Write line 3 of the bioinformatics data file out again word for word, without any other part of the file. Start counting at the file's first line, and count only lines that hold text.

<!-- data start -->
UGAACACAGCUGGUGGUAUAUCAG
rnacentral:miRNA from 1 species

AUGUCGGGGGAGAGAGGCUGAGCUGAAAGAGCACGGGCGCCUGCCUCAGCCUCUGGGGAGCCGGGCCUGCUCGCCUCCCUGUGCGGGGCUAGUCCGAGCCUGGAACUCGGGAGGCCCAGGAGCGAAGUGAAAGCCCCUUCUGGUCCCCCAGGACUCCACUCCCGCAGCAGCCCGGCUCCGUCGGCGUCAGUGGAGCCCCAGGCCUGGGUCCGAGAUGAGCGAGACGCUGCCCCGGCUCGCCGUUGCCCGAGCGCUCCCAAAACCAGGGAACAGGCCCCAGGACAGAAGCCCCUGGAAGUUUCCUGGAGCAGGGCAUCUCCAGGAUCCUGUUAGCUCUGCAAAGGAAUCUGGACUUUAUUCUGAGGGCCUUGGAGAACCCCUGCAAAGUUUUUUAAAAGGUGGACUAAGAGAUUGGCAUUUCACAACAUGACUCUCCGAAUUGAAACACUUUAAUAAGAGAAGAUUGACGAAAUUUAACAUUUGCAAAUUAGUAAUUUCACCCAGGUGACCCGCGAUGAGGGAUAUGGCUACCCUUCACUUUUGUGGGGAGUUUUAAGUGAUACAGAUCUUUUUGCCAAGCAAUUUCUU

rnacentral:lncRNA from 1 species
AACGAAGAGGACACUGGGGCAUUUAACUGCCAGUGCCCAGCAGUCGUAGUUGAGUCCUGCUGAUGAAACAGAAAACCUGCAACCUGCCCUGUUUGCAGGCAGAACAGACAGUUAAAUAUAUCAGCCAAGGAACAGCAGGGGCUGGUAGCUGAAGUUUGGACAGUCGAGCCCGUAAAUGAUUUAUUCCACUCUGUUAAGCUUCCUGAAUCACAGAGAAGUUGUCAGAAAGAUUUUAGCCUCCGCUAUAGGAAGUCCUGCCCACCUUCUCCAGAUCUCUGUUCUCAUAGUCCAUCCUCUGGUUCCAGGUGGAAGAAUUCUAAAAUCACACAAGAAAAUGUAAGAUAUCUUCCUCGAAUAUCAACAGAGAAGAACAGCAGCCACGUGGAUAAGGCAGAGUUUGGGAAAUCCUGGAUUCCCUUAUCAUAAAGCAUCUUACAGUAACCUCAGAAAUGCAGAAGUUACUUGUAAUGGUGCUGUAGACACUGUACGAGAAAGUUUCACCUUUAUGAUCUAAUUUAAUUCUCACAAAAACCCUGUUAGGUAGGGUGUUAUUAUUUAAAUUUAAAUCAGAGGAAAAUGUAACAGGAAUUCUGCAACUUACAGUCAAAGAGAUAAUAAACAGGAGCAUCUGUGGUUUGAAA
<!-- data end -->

AUGUCGGGGGAGAGAGGCUGAGCUGAAAGAGCACGGGCGCCUGCCUCAGCCUCUGGGGAGCCGGGCCUGCUCGCCUCCCUGUGCGGGGCUAGUCCGAGCCUGGAACUCGGGAGGCCCAGGAGCGAAGUGAAAGCCCCUUCUGGUCCCCCAGGACUCCACUCCCGCAGCAGCCCGGCUCCGUCGGCGUCAGUGGAGCCCCAGGCCUGGGUCCGAGAUGAGCGAGACGCUGCCCCGGCUCGCCGUUGCCCGAGCGCUCCCAAAACCAGGGAACAGGCCCCAGGACAGAAGCCCCUGGAAGUUUCCUGGAGCAGGGCAUCUCCAGGAUCCUGUUAGCUCUGCAAAGGAAUCUGGACUUUAUUCUGAGGGCCUUGGAGAACCCCUGCAAAGUUUUUUAAAAGGUGGACUAAGAGAUUGGCAUUUCACAACAUGACUCUCCGAAUUGAAACACUUUAAUAAGAGAAGAUUGACGAAAUUUAACAUUUGCAAAUUAGUAAUUUCACCCAGGUGACCCGCGAUGAGGGAUAUGGCUACCCUUCACUUUUGUGGGGAGUUUUAAGUGAUACAGAUCUUUUUGCCAAGCAAUUUCUU